Data indicate percentage values among each group for which the incidence of ischemic stroke differed significantly (log-rank p = 0.034).
After correcting the model for the effects of age, comorbidities (hypertension, hyperlipidemia, chronic kidney disease, coronary artery disease, and heart failure), and medications (aspirin or clopidogrel), the CEE group exhibited a significantly lower risk of ischemic stroke (Table 3; HR: 0.34, 95% CI: 0.12–0.97) than the control group. The median duration of exposure in the CCE group was 6.5 months (with a range of 2–60 months). The hysterectomy status of patients could not be reliably ascertained in this data set, as surgical procedures prior to 2003 were not included.
This population-based study revealed a significantly lower incidence of ischemic stroke in women with diabetes aged over 55 years using CEE when compared with women in the control group, who had no exposure to exogenous estrogen.
After adjustment for potential confounding factors, CEE use was associated with a 66% reduction in risk of ischemic stroke compared with the control group. Few studies have specifically demonstrated the effect of estrogen on cardiovascular events in postmenopausal women with diabetes . The results of the present study suggest that estrogen treatment might decrease the incidence of ischemic stroke in diabetic women aged over 55 years.
The present study presents a nation-wide, population-based investigation using a database that is routinely validated for diagnostic accuracy by the National Health Insurance Bureau of Taiwan. The database includes all ambulatory- and inpatient-care records and covers approximately 97% of the total population and hospitals in Taiwan. All residents in Taiwan have equal access to health care, thus providing favorable conditions for epidemiological investigations.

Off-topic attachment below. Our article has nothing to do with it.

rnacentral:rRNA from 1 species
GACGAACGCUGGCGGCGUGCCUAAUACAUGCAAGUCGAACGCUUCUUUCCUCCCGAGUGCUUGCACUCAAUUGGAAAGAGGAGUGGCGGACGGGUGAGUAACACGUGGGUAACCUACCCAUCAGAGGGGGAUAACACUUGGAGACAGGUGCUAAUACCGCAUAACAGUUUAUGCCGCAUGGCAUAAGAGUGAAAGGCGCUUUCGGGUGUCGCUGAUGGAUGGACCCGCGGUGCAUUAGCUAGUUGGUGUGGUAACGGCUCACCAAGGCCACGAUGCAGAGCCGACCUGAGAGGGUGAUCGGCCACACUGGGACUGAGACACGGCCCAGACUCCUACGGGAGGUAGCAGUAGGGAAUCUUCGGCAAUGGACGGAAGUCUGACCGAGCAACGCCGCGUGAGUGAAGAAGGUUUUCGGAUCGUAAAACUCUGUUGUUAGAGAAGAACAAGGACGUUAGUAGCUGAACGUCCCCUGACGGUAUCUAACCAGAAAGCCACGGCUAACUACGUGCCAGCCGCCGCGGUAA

Epidemiological and clinical studies have previously indicated that atrial fibrillation is a major independent risk factor for stroke [38–42]. The Framingham study of atrial fibrillation found that women with overt coronary heart disease were subject to a nearly 5-fold increase in the risk of stroke . Thus, patients with a history of atrial fibrillation were excluded from the present study to eliminate any potential bias in this regard. After adjustment for other covariates, women with diabetes were found to have a higher risk of ischemic stroke (HR: 2.83, CI: 2.35–3.40) . Furthermore, diabetes was previously found to increase the risk of stroke by an extra 40% within the population of patients with atrial fibrillation . Sanne et al. conducted a meta-analysis and found that women with diabetes had a 27% greater risk of stroke compared with the respective population of men . Numerous studies have found that diabetes in women is more likely to be associated with an increase in cardiovascular risk than diabetes in men [45–50]. Women with diabetes are also less likely to receive proper treatment for abnormalities in blood pressure, low-density lipoprotein, fasting glucose, and glycated hemoglobin [51, 52]. Premenopausal women have a lower incidence of cardiovascular disease than postmenopausal women [53, 54]. These findings suggest that estrogen could potentially contribute to stroke prevention, especially within the subpopulation of women with diabetes.